Unmasked America: How Showing Concern for Others Became a Political Statement

“Who’s that masked man, mama?”
“Someone who cares about other people, sweetheart.”

Americans in 2020 remind me of teenagers:

No matter the issue, how it’s framed, where logic comes in, or what consequences are attached, there’s always an argument. A debate. The foisting of opinions, drawing of lines, asserting of protests and presumptions. Of course, Americans have always been like this (think Salem witch trials or the movie Lincoln). Certainly since the Internet allowed us to be privy to and partake of everyone’s every thought this reality has been made evermore clear. But in the terrifying age of COVID, when matters are squarely focused on very real possibilities of sickness and death, the caustic noise of debate feels deflective and ill-advised. Especially with over 80,000 dead and numbers continuing to rise; despite disinformation, presidential fairy tales, and hopeful thinking.

Are we “all in this together,” as TV ads and inspirational messages insist?

Given the hyperbolically-armed lockdown protesters, privileged hysteria from beach-lovers denied their “fun in the sun,” overflowing NYC parks even in that COVID hotspot, and the hoots of restaurant diners defying distancing measures to make a point and grab a sandwich, I’d say we are not.

Though, were we ever?

We seemed to be at first, when fear and deep knowledge deficit had us vulnerable, eager for information and instruction. We stayed glued to TV news, social media, the endless articles and videos explaining the circumstances, scaring us straight with previously unfathomable death predictions and admonishments to stay home for our very survival. It felt like a mashup of World War ZInvasion of the Body Snatchers, and The Birds, and we were terrified, confused, and compliant… until the inevitable happened.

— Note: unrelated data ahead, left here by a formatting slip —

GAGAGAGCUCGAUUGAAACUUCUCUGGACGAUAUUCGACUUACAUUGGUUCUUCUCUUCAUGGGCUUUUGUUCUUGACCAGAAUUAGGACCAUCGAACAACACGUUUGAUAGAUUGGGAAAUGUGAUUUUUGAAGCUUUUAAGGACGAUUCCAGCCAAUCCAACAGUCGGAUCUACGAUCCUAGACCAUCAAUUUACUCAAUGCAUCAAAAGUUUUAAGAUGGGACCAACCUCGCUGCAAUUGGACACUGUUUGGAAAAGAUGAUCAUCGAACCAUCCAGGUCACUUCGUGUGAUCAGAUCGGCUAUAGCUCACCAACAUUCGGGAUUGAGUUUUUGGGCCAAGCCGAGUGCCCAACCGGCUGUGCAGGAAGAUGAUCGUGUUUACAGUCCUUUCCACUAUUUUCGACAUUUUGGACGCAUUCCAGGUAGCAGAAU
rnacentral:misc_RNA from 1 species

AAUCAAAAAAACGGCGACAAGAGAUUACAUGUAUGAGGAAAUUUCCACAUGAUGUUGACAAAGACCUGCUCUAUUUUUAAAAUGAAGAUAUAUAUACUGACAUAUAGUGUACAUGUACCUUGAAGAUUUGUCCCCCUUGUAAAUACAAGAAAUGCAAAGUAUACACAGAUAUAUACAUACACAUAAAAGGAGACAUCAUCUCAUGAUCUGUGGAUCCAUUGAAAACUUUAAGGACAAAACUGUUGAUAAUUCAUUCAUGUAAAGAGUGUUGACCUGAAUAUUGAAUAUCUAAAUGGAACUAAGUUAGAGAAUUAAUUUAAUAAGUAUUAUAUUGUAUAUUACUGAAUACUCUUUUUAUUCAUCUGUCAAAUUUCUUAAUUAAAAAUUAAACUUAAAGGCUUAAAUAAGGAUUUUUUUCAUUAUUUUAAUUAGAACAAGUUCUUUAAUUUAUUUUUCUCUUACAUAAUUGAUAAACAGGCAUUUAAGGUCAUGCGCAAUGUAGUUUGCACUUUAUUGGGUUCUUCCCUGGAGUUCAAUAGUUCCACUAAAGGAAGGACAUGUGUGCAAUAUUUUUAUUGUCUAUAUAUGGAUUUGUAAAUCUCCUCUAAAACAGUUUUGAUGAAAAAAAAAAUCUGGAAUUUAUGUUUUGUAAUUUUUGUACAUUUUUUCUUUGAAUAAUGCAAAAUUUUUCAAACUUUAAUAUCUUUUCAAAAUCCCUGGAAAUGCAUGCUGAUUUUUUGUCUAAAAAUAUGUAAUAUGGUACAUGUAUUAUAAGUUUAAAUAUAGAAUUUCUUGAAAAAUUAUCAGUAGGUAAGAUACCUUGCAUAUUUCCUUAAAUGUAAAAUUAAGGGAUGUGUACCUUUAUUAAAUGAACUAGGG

Politics creeped in.

As it always does. As it so vociferously does during this unfortunate time of Trump.

The predictable polarization and agenda-pushing of deeply divided partisans then took over what should have been a unified response (think post-9/11 solidarity or Brits during the blitzkrieg), and turned it into a counter-productive melee that, most destructively, dismissed true experts in lieu of political chest-pounding. In the midst of expertise and science-driven guidance and direction, and at the behest and lead of the current president, sensible, cohesive “pandemic management” got sideswiped, ambushed, co-opted and bushwhacked by conspiracy-theorists, right-wing propagandists, Republican enablers and naysayers, and an exceedingly narcissistic and desperate president most concerned about his polling, his pocketbook, and his chances of re-election (as has been the case since 1.20.17).

Which meant that every fact, every truth, every wise recommendation or life-saving precaution was contradicted or dismissed by Fox News and their braying bevy of sneering, glinty-eyed disinformers hellbent on driving the message that all this caretaking, distancing, and quarantining was just the pussified prescription of idiots who bought into hoax and hyperbole. “If you believe in freedom and the American way, people, you’ll strap on your bazooka, get out there in your red hat and unmasked face, and lockstep into any building or American street you wish, COVID be damned!”

And that message was embraced: science and medicine, compassion and empathy, protection of and concern for fellow humans, particularly medical personnel risking their lives to save those of others’, all became LESS IMPORTANT than politics and partisan arrogance. Taking their cues from an increasingly erratic, dishonest, and inept president, the great divide between red/blue factions became strangely emblemized by those who cared enough to wear a mask and those who didn’t, right on up to the Oval Office.

Which is insane.